Birmingham Loans Not As Scarce As You Hear…
It’s no wonder that folks who rely on the news media to know about our world often wind up confused, or sometimes, downright misled.
With the possible exception of politics (no, I’m not going there), I see few better examples of consumers getting misleading information than in real estate.
I have to hand a blue ribbon for disappointment to Marketplace, a program by American Public Media which recently produced a report about the difficulty of getting a home mortgage.
Reporter Gigi Douban in effect focused her magnifying glass on one part of the real estate industry and left folks with the impression that it’s just flat hard to get a home loan. Period.
“Now it’s nearly impossible to get a loan,” the show’s anchor said, leading into Douban’s report.
“There are plenty of folks who want to buy a house, but there aren’t that many who can,” Douban said.
I have no issue with anything anyone interviewed in the report said.
Woodfin talked about the fact that more of the Buyers approaching him for a loan than in the past wind up not being able to qualify. That’s true. We all know that mortgage requirements have gotten tighter, something that, in my opinion, needed to happen.
The fact is that getting a loan is difficult. For some people.
The timing of this story seemed particularly ironic. On May 14th–the same day Marketplace aired Douban’s report–BBVA Compass announced that it’s expanding its–get this–mortgage operations, and–guess where–in Birmingham, as well as in Tempe, Arizona.
“Even in Alabama, it’s hard to get a home loan,” the headline reads on the Marketplace website.
“Even in Alabama.” Hmmm. Is our state supposed to have always been easy street for getting a home loan? “Well, shoot, Maybel, it’s not lookin’ good for us here in Tupelo, so let’s just head past Pete’s barbecue joint and cross the state line into Alabama. Anybody can get a loan there…”
In a news release, BBVA Compass cited the rapid growth of its mortgage business as the reason for the expansion. They’re hiring 60 more people to handle loans.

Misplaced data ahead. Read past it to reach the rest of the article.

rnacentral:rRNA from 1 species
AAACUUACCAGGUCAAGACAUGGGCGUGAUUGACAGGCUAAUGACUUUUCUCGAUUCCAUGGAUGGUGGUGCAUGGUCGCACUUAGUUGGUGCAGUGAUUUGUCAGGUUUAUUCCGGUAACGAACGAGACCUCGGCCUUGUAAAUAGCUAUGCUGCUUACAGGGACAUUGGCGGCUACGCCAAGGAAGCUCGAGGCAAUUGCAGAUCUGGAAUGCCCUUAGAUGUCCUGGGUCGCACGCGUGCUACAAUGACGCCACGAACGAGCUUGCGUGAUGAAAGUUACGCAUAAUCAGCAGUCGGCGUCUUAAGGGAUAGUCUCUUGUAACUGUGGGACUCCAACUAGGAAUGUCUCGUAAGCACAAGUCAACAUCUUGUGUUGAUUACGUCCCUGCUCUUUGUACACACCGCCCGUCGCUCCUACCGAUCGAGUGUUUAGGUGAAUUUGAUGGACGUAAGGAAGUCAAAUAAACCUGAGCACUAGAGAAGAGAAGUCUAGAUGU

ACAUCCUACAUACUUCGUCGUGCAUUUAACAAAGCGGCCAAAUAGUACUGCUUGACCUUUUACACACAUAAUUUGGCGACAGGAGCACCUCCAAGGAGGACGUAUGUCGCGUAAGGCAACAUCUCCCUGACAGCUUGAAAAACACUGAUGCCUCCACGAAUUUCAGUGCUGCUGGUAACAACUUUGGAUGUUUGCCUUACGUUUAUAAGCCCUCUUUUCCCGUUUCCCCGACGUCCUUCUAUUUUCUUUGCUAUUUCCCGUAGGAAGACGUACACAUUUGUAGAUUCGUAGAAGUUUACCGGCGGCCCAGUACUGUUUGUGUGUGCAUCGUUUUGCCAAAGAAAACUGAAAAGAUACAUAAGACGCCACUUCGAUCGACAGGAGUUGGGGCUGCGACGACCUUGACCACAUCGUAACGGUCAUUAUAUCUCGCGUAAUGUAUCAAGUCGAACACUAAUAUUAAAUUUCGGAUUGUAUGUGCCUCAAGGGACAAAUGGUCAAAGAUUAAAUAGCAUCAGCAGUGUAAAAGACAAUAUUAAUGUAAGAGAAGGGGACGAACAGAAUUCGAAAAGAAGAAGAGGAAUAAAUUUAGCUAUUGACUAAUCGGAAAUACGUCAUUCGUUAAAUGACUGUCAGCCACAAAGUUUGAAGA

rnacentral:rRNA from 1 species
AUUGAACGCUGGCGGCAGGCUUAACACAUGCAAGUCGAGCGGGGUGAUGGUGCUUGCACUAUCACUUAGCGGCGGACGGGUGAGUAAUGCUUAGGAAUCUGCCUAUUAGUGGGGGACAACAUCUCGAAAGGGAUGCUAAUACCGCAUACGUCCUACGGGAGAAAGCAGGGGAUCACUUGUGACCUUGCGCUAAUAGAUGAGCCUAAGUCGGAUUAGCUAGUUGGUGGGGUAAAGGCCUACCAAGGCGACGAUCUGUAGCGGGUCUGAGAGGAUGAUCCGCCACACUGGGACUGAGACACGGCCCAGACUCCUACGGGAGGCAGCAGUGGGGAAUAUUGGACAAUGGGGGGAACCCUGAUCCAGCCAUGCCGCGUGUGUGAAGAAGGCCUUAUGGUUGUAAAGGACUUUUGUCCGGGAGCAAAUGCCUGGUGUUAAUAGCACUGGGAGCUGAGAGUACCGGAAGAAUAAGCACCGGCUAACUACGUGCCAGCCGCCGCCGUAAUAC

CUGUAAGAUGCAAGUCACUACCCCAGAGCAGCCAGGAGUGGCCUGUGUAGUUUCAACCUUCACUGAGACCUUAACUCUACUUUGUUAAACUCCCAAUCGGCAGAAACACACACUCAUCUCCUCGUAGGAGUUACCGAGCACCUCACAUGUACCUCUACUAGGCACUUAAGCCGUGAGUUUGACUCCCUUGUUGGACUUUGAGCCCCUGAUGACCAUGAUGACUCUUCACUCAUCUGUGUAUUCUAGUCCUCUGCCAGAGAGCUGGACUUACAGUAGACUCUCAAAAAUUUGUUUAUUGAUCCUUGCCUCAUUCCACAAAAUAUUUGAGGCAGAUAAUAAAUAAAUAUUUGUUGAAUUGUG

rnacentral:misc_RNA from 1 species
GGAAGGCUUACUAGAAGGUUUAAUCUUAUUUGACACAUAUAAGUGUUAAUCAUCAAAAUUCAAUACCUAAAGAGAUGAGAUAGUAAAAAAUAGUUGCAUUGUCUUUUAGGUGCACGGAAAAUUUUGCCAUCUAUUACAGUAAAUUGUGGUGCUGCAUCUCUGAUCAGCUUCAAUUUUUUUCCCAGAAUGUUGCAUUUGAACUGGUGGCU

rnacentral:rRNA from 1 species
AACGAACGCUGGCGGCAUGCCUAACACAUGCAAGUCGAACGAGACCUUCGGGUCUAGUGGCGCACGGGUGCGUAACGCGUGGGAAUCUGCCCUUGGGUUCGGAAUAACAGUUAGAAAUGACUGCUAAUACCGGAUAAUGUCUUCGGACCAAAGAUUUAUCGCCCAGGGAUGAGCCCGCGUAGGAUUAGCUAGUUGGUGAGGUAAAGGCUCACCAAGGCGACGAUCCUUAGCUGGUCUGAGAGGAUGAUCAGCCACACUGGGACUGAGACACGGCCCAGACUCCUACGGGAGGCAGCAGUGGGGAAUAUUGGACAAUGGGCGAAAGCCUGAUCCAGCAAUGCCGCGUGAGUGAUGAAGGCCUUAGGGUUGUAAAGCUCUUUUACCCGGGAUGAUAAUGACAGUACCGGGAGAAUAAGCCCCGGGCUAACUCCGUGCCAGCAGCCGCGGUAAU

The bank said 270 people will be involved in mortgage operations in Birmingham. Pretty impressive numbers, if you ask me. It certainly suggests that BBVA Compass must have some reason to feel confident that they’ll be helping more people buy homes in the coming years, and, specifically, by writing loans.
Why else would they spend the money?
If the Marketplace report had provided a more balanced perspective, it would have mentioned that there are quite a few sales happening in the Birmingham and Shelby Co. real estate market.
Some in the business even feel the industry is turning around.
April home sales within the Birmingham and Shelby Co. area are up more than 10% compared to a year ago.
The fact is that if you have good credit–no, not absolutely through-the-roof sterling credit, but just good credit–you can get a loan. Sure, some Buyers are paying cash, but don’t kid yourself; a lot of those sales are being financed.
It’s the people in less than sound financial condition, who are late or have missed payments, or who have judgements against them who likely face mortgage rejection.
With more homes selling, it’s only logical to realize that mortgages are not nearly as impossible to obtain as the media tells us they are.
The problem is that folks don’t always hear what the market is really like.
Posted on May 21, 2012, in Commentary, Real Estate and tagged alabama, bbva compass, birmingham, colleen black, david black, Economy, home sales, homes for sale, keller williams, keller williams realty, keller williams realty metro south, loan, marketplace, mortgage, mortgage america, Real Estate, real estate agent, shelby county, woody woodfin. Bookmark the permalink. Leave a comment.